The greater part of their Marcellus/Utica assets will be dry gas, I would guess. Nevertheless, they would still be subject to the same dynamics I spoke of above to the extent that commodity prices remain low. That being said, dry gas was already pretty low before the recent drop in oil.

    If you look here http://bit.ly/U3A40u at the older presentations (say 5/22/14 and before, prior to the WMB acquisition) you'll see the basins where ACMP has assets characterized by "liquids" and "gas." Keep in mind the liquids can be NGLs which are usually more tied to the price of crude.
    Jan 19, 2015. 03:59 PM | Likes Like |Link to Comment
  • The Energy Sector - Risk Or Opportunity? The S&P 500 2015: Part 2 [View article]
    Re: pipelines, you will find varying indirect exposure to commodity prices. Most companies will offer some figures (not broken down) about what percentage of business is fee based (what is being called "toll road" here).

    However, even the fee based business should be viewed with varying risk exposures. Citing WMB as an example, their interstate and midstream routes (e.g. Transco, etc.) are much more insulated from commodity risk than their upstream gathering assets (e.g. their recent ACMP acquisition, their Marcellus gathering assets, etc.)

    While a percentage of all this midstream (and even some upstream) stuff is take or pay, generally the longer the haul the longer the capacity contract durations. To make a broad generalization, field level pipelines will probably see empty capacity and lower transport revenues if the price of the commodities stays low for a protracted time. It would not surprise me to see E&P companies paying for unused throughput under "take or pay" contract clauses for upstream pipe if wellhead costs exceed the commodity price.

    Disclosure, short WMB puts.
    Jan 18, 2015. 07:21 PM | 2 Likes Like |Link to Comment
  • American Realty Capital Properties: Activist Investor Implications [View article]
    tennvol:

    1st, CWH/EQC was not a private equity takeover. It's still a public company.

    2nd, If you look at the end of 2012/ beginning of 2013 when Luxor and Corvex began accumulating shares until now you have just about a double in share price.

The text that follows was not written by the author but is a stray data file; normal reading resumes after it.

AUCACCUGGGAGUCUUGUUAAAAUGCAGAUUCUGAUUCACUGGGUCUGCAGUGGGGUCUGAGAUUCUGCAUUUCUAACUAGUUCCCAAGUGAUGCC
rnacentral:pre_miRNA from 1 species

3rd, no one is buying ARCP for dividends. They're already suspended - right?

    Finally, as for EQC, they are a REIT and by law will have to pay out the requisite income share once they have put the balance sheet into better shape.
    Jan 18, 2015. 05:26 PM | Likes Like |Link to Comment
  • Emerge Energy: Looking A Little Vulnerable [View article]
    KR, why don't you name just one oil service company that hedges the commodity? To my knowledge, even refiners who have pricing risk to inventories don't hedge price risk.

    It's not a rhetorical question - I genuinely don't know of any non E&P that does this. IMO there are better reasons NOT to do it without direct, that is 100% correspondence, to the hedged risk.
    Jan 18, 2015. 05:00 PM | Likes Like |Link to Comment
  • Increasing Cash Flow In A World Without Risk Free Yield-Bought The ETF PFF [View article]
    Of course you all realize that all these secondary reporting parties disclaim responsibility for accuracy. The observation that the funds themselves should do better is thus even more apt.
    Jan 18, 2015. 12:14 PM | Likes Like |Link to Comment
  • Increasing Cash Flow In A World Without Risk Free Yield-Bought The ETF PFF [View article]
    Understanding the management personality of the issuer is important IMO. Change of control is one issue, but the actions of those wonderful folks at Emmis Communications shows that even cumulative dividends may not end up that way. Have you followed that case South Gent?
    Jan 18, 2015. 01:15 AM | Likes Like |Link to Comment
  • Emerge Energy: Looking A Little Vulnerable [View article]
    KR maybe you can tell us how to hedge sand? On the other hand, maybe you don't know what this company does?
    Jan 17, 2015. 07:59 PM | Likes Like |Link to Comment
  • The Energy Sector - Risk Or Opportunity? The S&P 500 2015: Part 2 [View article]
    Christine, you just very briefly and clearly stated the relevant point, as did Dave C. I also find your other comments informative and relevant. Thanks.
    Jan 17, 2015. 01:14 PM | 1 Like Like |Link to Comment